Open Collections

UBC Theses and Dissertations

UBC Theses Logo

UBC Theses and Dissertations

Planning for conservacy areas : recreation in estuarine bird habitat Schade, Frieda Marion 1979

Your browser doesn't seem to have a PDF viewer, please download the PDF to view this item.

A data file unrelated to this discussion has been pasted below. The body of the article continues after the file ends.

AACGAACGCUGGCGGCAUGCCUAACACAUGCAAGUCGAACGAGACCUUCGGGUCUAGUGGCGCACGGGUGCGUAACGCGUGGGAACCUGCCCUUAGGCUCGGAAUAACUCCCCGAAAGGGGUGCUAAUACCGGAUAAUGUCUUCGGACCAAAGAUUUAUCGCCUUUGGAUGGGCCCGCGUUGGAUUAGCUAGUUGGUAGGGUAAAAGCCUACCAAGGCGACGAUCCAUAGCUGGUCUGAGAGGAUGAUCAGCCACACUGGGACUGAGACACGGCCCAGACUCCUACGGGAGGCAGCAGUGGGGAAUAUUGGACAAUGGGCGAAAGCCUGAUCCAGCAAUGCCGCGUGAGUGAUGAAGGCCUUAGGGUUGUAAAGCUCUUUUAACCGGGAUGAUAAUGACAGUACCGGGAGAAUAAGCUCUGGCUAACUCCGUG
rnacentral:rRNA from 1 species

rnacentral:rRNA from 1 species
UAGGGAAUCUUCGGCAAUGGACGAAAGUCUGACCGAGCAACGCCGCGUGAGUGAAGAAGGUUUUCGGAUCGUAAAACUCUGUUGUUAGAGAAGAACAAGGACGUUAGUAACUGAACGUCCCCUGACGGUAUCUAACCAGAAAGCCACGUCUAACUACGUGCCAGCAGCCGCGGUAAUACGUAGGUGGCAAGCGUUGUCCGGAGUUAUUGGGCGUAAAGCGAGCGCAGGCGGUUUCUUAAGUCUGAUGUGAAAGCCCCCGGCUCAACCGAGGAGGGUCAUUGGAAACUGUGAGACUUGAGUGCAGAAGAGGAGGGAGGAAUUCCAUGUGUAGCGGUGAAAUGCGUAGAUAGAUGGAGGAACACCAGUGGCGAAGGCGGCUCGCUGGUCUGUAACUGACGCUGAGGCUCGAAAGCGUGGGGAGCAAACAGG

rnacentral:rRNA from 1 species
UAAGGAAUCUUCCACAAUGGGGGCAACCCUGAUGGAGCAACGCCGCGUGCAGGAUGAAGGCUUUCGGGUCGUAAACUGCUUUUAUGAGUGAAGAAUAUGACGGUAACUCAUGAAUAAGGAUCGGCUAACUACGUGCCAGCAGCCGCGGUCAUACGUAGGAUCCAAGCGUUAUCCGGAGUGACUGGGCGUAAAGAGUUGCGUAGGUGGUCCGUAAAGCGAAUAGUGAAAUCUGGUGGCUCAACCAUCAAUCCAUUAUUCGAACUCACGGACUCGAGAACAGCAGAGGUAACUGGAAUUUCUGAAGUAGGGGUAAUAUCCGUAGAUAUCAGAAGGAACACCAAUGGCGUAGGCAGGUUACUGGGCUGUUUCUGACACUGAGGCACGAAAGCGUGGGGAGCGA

Item Metadata

Download

Media
831-UBC_1979_A6_7 S36.pdf [ 7.56MB ]
Metadata
JSON: 831-1.0094596.json
JSON-LD: 831-1.0094596-ld.json
RDF/XML (Pretty): 831-1.0094596-rdf.xml
RDF/JSON: 831-1.0094596-rdf.json
Turtle: 831-1.0094596-turtle.txt
N-Triples: 831-1.0094596-rdf-ntriples.txt
Original Record: 831-1.0094596-source.json
Full Text
831-1.0094596-fulltext.txt
Citation
831-1.0094596.ris

Full Text